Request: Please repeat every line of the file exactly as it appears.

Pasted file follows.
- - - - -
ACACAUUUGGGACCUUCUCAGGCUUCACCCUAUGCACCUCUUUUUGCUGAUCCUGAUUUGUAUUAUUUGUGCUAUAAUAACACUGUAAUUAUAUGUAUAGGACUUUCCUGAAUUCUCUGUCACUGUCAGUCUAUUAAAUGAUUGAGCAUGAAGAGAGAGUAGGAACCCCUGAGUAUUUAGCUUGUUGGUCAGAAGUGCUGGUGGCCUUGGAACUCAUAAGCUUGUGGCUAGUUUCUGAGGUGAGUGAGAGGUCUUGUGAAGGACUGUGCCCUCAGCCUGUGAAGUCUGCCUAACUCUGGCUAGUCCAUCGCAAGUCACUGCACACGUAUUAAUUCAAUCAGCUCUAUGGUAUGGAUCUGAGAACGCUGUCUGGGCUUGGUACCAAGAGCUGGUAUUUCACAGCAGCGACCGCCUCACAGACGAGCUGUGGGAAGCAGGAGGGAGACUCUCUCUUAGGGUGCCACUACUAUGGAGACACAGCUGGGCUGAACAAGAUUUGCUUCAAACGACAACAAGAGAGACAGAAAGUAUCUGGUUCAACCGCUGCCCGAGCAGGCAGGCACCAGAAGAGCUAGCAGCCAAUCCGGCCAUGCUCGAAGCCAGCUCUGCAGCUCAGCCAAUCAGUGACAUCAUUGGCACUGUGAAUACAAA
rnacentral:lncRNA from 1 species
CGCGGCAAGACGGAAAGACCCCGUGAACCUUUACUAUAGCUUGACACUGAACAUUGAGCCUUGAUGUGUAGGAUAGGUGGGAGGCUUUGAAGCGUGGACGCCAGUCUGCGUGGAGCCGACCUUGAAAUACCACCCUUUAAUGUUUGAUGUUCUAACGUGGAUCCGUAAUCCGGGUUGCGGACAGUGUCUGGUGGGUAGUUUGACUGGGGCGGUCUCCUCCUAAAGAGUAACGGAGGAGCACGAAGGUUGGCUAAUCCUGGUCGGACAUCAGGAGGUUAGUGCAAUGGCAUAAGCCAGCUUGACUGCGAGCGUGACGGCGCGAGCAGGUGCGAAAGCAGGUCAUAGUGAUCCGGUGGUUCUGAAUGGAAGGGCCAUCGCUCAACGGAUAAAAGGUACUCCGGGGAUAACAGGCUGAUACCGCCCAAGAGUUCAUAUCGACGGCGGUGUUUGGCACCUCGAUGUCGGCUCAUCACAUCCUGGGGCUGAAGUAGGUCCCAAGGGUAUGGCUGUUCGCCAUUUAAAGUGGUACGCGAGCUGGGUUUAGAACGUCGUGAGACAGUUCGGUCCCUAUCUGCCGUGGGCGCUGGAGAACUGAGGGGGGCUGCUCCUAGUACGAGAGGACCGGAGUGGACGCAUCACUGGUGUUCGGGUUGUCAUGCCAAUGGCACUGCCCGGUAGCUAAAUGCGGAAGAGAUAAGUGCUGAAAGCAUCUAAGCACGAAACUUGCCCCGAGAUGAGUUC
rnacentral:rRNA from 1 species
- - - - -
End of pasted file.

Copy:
ACACAUUUGGGACCUUCUCAGGCUUCACCCUAUGCACCUCUUUUUGCUGAUCCUGAUUUGUAUUAUUUGUGCUAUAAUAACACUGUAAUUAUAUGUAUAGGACUUUCCUGAAUUCUCUGUCACUGUCAGUCUAUUAAAUGAUUGAGCAUGAAGAGAGAGUAGGAACCCCUGAGUAUUUAGCUUGUUGGUCAGAAGUGCUGGUGGCCUUGGAACUCAUAAGCUUGUGGCUAGUUUCUGAGGUGAGUGAGAGGUCUUGUGAAGGACUGUGCCCUCAGCCUGUGAAGUCUGCCUAACUCUGGCUAGUCCAUCGCAAGUCACUGCACACGUAUUAAUUCAAUCAGCUCUAUGGUAUGGAUCUGAGAACGCUGUCUGGGCUUGGUACCAAGAGCUGGUAUUUCACAGCAGCGACCGCCUCACAGACGAGCUGUGGGAAGCAGGAGGGAGACUCUCUCUUAGGGUGCCACUACUAUGGAGACACAGCUGGGCUGAACAAGAUUUGCUUCAAACGACAACAAGAGAGACAGAAAGUAUCUGGUUCAACCGCUGCCCGAGCAGGCAGGCACCAGAAGAGCUAGCAGCCAAUCCGGCCAUGCUCGAAGCCAGCUCUGCAGCUCAGCCAAUCAGUGACAUCAUUGGCACUGUGAAUACAAA
rnacentral:lncRNA from 1 species
CGCGGCAAGACGGAAAGACCCCGUGAACCUUUACUAUAGCUUGACACUGAACAUUGAGCCUUGAUGUGUAGGAUAGGUGGGAGGCUUUGAAGCGUGGACGCCAGUCUGCGUGGAGCCGACCUUGAAAUACCACCCUUUAAUGUUUGAUGUUCUAACGUGGAUCCGUAAUCCGGGUUGCGGACAGUGUCUGGUGGGUAGUUUGACUGGGGCGGUCUCCUCCUAAAGAGUAACGGAGGAGCACGAAGGUUGGCUAAUCCUGGUCGGACAUCAGGAGGUUAGUGCAAUGGCAUAAGCCAGCUUGACUGCGAGCGUGACGGCGCGAGCAGGUGCGAAAGCAGGUCAUAGUGAUCCGGUGGUUCUGAAUGGAAGGGCCAUCGCUCAACGGAUAAAAGGUACUCCGGGGAUAACAGGCUGAUACCGCCCAAGAGUUCAUAUCGACGGCGGUGUUUGGCACCUCGAUGUCGGCUCAUCACAUCCUGGGGCUGAAGUAGGUCCCAAGGGUAUGGCUGUUCGCCAUUUAAAGUGGUACGCGAGCUGGGUUUAGAACGUCGUGAGACAGUUCGGUCCCUAUCUGCCGUGGGCGCUGGAGAACUGAGGGGGGCUGCUCCUAGUACGAGAGGACCGGAGUGGACGCAUCACUGGUGUUCGGGUUGUCAUGCCAAUGGCACUGCCCGGUAGCUAAAUGCGGAAGAGAUAAGUGCUGAAAGCAUCUAAGCACGAAACUUGCCCCGAGAUGAGUUC
rnacentral:rRNA from 1 species